FC Barcelona went to Sevilla to play against la Liga’s fifth ranked side a few days after meeting Lyon in the Champions League. Barça have been in a February lull (four draws and a 1-0 win against humble Valladolid throughout the month), and it seemed that the doldrums were continuing through the first half of Saturday’s game at the Sanchez Pizjúan. Sevilla scored twice, with Messi getting a goal himself before the half.
Valverde switched up his team and took off Semedo and Arturo Vidal. The concerns about Semedo’s defensive frailty on the right side have reared up again after months that the Portuguese seemed to earn back a large measure of trust. Semedo has been a challenging figure to depend on–he promises some of the attacking energy that Dani Alves used to provide, but he does get beaten by opposition on counter attacks. The lights are bright at Barcelona, and if a player hasn’t defined himself as titular quickly (as Umtiti and Arthur did) then they are questioned harshly.
Coutinho also got the start, surviving on the pitch into the second half. This provided an unusual line-up for the second half of Messi, Suarez, Dembélé (on for Vidal), Busquets, Rakitic, Roberto (on for Semedo), Alba, Pique and Umtiti, plus Ter Stegen in goal. This was a gala eleven that Valverde seemed to treat as a hail Mary instead of a presumed inevitability.
Umtiti hadn’t played a game in months. His phantom knee problems have kept him out of the side and instead in the company of physiotherapists in Dubai, or Barcelona, or Munich, or who knows where since last year. Though they shipped two goals by the half, his confidence on the ball in challenges and distribution did return to reassure the Blaugrana hopeful. My own invented Umtiti chant returns to my mind…”Um-TI! Um-TI-TI!”
So then how did the team play in the second half with their club record signings all in the side? Coutinho was active, if not clinical in his passing and disruption of the Sevilla midfield. Dembélé continued to show his gifts in one-on-ones and faking out defenders to break lines. Suarez dropped firecrackers at the front, and Messi was imperious.
Messi showed again why he is the world’s greatest player against Sevilla; His second goal to equalize was a canon shot with the right foot from near the edge of the box. The third was a subtle scoop over the keeper he picked from a deflected blast from the ever-sparky Carles Aleña–who’d come on to replace Coutinho. Like that, with eighty minutes played, Barça had staged another remontada at Sevilla.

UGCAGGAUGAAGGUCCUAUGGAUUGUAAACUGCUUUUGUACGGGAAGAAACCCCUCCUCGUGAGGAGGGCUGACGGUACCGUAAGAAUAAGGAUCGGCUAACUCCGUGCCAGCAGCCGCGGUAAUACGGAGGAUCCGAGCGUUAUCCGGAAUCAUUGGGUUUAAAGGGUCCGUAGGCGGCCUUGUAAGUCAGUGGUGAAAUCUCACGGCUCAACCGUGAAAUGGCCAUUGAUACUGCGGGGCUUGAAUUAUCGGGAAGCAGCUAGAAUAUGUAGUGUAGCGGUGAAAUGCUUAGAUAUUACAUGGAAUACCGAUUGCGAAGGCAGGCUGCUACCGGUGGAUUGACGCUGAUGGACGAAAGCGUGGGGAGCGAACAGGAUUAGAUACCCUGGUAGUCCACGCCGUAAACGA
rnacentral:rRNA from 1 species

My favorite come from behind win in Seville was during Tito Vilanova’s sole year as manager at the club. At the time, it was a disgruntled Villa who came on as a late sub to score in extra time and send Jordi Alba and Tito into each others arms with ecstatic triumph.
In fact, Barça saves some of its most satisfying victories for the fixture, and this one couldn’t have come at a better time in the season. It may be the kind of performance that signals a return to explosive form for the yawning giants. Messi seemed hell bent on taking the game by the scruff, as they say, and grabbing the victory single-handedly. He scored his 50th career hat trick. I also must feel some sympathy for Gerard Deulofeu, playing for Watford now. He left to the Premier league, in part to get out of Messi’s shadow along with so many other Barça attackers. Though he scored a hat trick the night before against Cardiff City and secured his adopted club the win, Deulofeu’s accomplishment would once again be overshadowed by Lionel. As if to show some willingness to pull his weight and snap out of a sloppy patch of form himself, Suarez scored a fourth at the end of regulation time–naturally, assisted by Messi. 2-4 final. Barcelona win in their most thrilling performance in nearly two months.
And now, Barça will play two away Clasicos against Madrid. The first is midweek for the second leg of the Copa del Rey Semi finals, and the second to be played on the weekend in la Liga. Then another league game, followed by the return of the Champions league with the second game against Lyon and all to play for in Europe. No need to grab their nuts in Simeone-like displays of defiance. All that’s needed is to win.